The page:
Introduction Solriamfetol (formerly JZP-110), a dopamine and norepinephrine reuptake inhibitor, has been approved in the United States to improve wakefulness in adults with excessive daytime sleepiness (EDS) associated with narcolepsy (75–150 mg) or obstructive sleep apnoea (OSA; 37.5–150 mg). A Marketing Authorisation Application for these indications is under review with the European Medicines Agency. This study evaluated the long-term safety and efficacy of solriamfetol.
Methods Participants with EDS associated with narcolepsy or OSA who completed prior solriamfetol studies initiated open-label treatment with a 2-week titration phase followed by a maintenance phase of ≤50 weeks. A 2-week, placebo-controlled, randomised withdrawal (RW) phase was conducted after 6 months. Change from beginning to end of the RW phase in Epworth Sleepiness Scale (ESS) was the primary endpoint; Patient and Clinician Global Impression of Change (PGI-C and CGI-C, respectively) were secondary endpoints.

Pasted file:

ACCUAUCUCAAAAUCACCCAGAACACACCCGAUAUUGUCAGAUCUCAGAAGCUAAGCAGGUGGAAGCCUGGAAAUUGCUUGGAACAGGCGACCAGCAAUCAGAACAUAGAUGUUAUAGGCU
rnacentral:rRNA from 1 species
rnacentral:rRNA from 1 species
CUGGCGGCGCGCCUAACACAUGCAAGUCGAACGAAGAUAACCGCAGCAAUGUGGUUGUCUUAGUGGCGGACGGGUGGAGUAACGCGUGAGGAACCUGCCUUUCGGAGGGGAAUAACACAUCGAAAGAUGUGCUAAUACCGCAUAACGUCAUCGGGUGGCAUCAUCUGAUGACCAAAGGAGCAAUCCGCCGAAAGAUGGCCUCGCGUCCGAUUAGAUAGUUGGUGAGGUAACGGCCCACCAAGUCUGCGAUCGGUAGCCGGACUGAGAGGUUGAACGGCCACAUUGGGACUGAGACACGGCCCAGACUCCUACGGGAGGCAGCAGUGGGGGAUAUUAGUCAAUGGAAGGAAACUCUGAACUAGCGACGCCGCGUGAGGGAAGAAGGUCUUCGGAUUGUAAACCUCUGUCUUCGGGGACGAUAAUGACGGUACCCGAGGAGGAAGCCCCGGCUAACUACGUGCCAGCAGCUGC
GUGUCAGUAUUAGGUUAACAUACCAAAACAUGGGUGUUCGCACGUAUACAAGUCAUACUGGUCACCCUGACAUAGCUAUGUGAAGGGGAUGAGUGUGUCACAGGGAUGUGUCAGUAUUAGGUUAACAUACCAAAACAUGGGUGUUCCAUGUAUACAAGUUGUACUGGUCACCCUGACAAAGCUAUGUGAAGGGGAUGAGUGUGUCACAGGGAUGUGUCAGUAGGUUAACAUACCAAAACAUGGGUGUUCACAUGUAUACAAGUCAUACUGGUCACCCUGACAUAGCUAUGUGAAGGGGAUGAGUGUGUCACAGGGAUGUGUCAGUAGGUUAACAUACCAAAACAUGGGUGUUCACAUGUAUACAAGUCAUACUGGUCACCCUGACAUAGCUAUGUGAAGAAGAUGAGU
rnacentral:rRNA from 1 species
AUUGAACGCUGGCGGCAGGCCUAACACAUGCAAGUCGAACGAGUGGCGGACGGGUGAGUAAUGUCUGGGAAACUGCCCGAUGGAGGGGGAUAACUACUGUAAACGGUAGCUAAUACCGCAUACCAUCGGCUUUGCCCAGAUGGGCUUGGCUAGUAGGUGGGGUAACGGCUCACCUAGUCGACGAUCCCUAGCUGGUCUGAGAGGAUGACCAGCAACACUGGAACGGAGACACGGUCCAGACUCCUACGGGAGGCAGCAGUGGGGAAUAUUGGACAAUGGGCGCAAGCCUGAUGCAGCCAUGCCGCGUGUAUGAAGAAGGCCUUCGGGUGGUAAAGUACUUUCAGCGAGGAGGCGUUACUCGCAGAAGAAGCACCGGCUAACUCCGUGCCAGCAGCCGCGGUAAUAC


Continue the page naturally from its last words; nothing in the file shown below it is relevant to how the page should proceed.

Results Safety population comprised 643 participants (226 narcolepsy; 417 OSA); 280 participants (141 placebo; 139 solriamfetol) comprised the RW modified intent-to-treat population. A total of 458 participants (71%) completed the study. Maintenance of efficacy in this 1-year study was demonstrated on the ESS, PGI-C, and CGI-C. Least squares mean change from the beginning to the end of the RW phase in ESS score was 5.3 versus 1.6 in participants randomised to placebo or solriamfetol, respectively (P<0.0001). Greater percentages of participants randomised to placebo versus solriamfetol in the RW phase reported as worse on PGI-C and CGI-C (both P<0.0001). The most frequent adverse events (AEs; ≥5%) were headache, nausea, nasopharyngitis, insomnia, dry mouth, anxiety, decreased appetite, and upper respiratory tract infection; 27 (4.2%) participants had ≥1 serious AE.
Discussion These results demonstrate the long-term efficacy of solriamfetol for EDS in participants with narcolepsy or OSA. Safety profile following long-term administration was consistent with prior solriamfetol studies.
Support Jazz Pharmaceuticals.
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